Netflix's $2.5bn bet on the next Squid Game won't work – but that's fine

An official screenshot from Netflix's Squid Game TV show
(Image credit: Noh Juhan)

Netflix CEO Ted Sarandos has announced that the company will invest $2.5 billion into movies and TV shows from South Korea over the next four years, according to BBC News. This is an especially huge sum from Netflix – in comparison, its investment in French and European movies to meet obligations under French laws amount to $45 million per year, as reported by Variety.

But it's obvious as to why it's doing this: the most-watched single season of a show of all time on Netflix is Squid Game, which beat any season of Stranger Things, Mindhunter, or other huge-budget entries among the best Netflix shows.

Anticipation for Squid Game season 2 is naturally huge, but it seems obvious that Netflix isn't satisfied with the idea of that. It wants the next Squid Game-sized hit – you don't invest this much money without anticipating some pretty big returns.

The problem is that investing this money into South Korea is very unlikely to produce anything as huge as Squid Game, for a number of reasons. In fact, I suspect that the next Squid Game will probably come from anywhere but South Korea.

That said, I still think this investment in South Korea is a fantastic idea. We just need to be realistic about what we're actually going to get from it.

Going viral isn't predictable

The thing about Squid Game wasn't that it was an excellent show (though it was).

Squid Game was a viral sensation. It was a word-of-mouth "Holy crap, have you seen the latest episode" hit. It was memes. It was a cultural touchstone in the space of about two days. It was the right show, at the right time, on the best streaming service. And unlike so many others, it didn't end up on the Netflix cancelled shows list.

You can't will that into happening a second time – especially with a show like that. Squid Game took more than 10 years to come to fruition; it gestated outside of the content mill that typifies the streaming landscape today. To be fair, Netflix is the streamer that saw the potential in it and got it made, so absolutely deserves credit for its foresight there. The company can spot the potential for these sensations, clearly.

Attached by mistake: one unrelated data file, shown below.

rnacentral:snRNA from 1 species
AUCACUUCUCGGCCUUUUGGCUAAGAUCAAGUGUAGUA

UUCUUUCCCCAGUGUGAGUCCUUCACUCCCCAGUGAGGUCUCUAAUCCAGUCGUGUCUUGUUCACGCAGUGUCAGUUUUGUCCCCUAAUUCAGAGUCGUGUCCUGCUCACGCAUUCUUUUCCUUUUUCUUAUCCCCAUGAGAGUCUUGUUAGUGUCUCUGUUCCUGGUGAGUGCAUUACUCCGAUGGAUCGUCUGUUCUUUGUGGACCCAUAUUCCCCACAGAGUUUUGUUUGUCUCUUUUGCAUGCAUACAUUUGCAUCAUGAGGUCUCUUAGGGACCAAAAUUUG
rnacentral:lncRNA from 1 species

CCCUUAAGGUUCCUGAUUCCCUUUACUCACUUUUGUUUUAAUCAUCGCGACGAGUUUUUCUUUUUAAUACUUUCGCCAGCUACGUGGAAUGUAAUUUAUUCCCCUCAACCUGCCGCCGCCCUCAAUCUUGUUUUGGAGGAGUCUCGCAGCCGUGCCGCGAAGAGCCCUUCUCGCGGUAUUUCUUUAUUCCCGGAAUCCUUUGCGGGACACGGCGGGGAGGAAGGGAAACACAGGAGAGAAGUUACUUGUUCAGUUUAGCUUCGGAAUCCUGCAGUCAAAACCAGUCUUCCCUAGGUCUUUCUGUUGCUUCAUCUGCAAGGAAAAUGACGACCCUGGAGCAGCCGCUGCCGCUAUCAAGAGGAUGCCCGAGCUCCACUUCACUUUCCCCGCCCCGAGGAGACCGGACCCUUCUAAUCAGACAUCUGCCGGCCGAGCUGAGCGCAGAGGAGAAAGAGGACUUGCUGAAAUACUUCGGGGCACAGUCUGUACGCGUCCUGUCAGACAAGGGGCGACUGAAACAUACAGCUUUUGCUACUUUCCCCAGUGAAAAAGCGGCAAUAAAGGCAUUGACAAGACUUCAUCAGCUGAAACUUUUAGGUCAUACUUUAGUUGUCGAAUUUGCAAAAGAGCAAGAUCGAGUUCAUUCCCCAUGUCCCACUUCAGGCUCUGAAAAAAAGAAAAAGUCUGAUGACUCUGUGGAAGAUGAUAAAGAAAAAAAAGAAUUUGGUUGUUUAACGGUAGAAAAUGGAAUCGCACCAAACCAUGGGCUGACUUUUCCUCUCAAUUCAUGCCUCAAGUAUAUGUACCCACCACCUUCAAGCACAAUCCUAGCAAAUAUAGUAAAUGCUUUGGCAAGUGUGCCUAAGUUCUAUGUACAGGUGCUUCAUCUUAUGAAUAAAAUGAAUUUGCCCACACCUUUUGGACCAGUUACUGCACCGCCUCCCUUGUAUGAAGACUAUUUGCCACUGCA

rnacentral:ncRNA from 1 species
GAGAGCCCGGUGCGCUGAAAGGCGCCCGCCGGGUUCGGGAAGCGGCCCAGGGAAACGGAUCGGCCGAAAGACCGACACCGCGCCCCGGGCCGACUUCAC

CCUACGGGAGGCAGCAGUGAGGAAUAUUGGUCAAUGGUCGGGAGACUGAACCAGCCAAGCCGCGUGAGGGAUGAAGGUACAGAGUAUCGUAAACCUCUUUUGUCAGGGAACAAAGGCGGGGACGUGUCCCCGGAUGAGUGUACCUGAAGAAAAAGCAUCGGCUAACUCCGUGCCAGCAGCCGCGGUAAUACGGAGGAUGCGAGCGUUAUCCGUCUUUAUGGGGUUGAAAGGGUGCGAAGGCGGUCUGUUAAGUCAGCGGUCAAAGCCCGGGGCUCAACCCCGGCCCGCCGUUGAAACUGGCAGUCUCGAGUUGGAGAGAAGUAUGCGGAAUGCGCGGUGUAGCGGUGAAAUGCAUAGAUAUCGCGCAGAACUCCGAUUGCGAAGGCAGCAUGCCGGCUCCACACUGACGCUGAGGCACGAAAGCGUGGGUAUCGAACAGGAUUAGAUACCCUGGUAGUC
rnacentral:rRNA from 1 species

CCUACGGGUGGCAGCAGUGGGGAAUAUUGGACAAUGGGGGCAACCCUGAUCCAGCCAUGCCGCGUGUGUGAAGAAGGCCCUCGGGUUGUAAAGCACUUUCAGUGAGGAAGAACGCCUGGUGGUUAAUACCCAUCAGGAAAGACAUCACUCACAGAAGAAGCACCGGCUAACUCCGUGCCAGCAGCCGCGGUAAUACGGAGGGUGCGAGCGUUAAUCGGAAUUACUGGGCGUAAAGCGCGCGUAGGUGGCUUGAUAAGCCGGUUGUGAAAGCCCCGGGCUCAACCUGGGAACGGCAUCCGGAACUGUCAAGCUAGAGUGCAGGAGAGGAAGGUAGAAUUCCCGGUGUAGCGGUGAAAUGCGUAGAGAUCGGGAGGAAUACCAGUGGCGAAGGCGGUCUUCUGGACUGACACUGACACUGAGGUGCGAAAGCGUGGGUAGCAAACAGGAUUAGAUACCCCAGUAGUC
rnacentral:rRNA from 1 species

But once you start investing such large sums in one area, you start creating a machine with a different set of expectations. You go from "Hey, we're looking for cool stories from South Korea – oh, this one's interesting, let's see where it goes" to "We need four new series and three movies per year to make this spending look wise to investors, get a move on".

Ideas will probably have to be pushed to fruition without the time to hone and care for them that Squid Game got. I've no doubt they'll still be great, but giving a show the extra 10% of thoughtfulness and quality that helps make it become as big as Squid Game takes time and space, and I don't know how much of that will be available. 

And even if they do get it, it doesn't mean they'll actually take off and be such a big hit, including in English-speaking countries. Like I said, you can't will something to be viral. The hivemind has to want it, and it's a fickle beast.

This is why I said that I think the next Squid Game is probably more likely to come from somewhere other than South Korea. Eyes from all around the world are on the country's big creators more than ever now, to come up with ideas to a deadline. But elsewhere, there are creators with a similarly sharp idea that could cut through into the collective consciousness, who've had the same time to revise and polish it to perfection, and that has an edge that comes from the culture it grew in.

I do want $2.5bn of South Korean movies & TV, though

While I don't think Netflix's big bet on South Korean work is going to pay off in terms of gaining it a show the size of Squid Game, I'm happy it's making the investment anyway, because it's going to bring us a ton of fantastic movies and TV either way.

Even if we assume Netflix isn't going to be tapping into the South Korean directors who are most famous in the US/UK – such as Decision to Leave and Oldboy's Park Chan-wook, or Parasite's Bong Joon-ho (who Netflix has worked with before, of course, on Okja) – there's a huge number of award-winning movie makers there, and then a whole generation of new creators rising under them.

There's long been a trickle of great movies from South Korea to English-speaking countries. Many have deftly tackled social issues and relationships, and most have also had fantastic cinematography – but few have been widely available. Mubi is often a fantastic place to find them (I'm about to start a big Park Chan-wook rewatch there), but having them reliably coming to Netflix is just really exciting to me, because I'm literally the only person I know who has Mubi; this time, I'll be able to share them with more of my friends.

And who knows, maybe the shareability of the best Netflix movies and shows is the exact reason I'm wrong, and something even bigger than Squid Game is coming.

Matt Bolton
Managing Editor, Entertainment

Matt is TechRadar's Managing Editor for Entertainment, meaning he's in charge of persuading our team of writers and reviewers to watch the latest TV shows and movies on gorgeous TVs and listen to fantastic speakers and headphones. It's a tough task, as you can imagine. Matt has over a decade of experience in tech publishing, and previously ran the TV & audio coverage for our colleagues at, and before that he edited T3 magazine. During his career, he's also contributed to places as varied as Creative Bloq, PC Gamer, PetsRadar, MacLife, and Edge. TV and movie nerdism is his speciality, and he goes to the cinema three times a week. He's always happy to explain the virtues of Dolby Vision over a drink, but he might need to use props, like he's explaining the offside rule.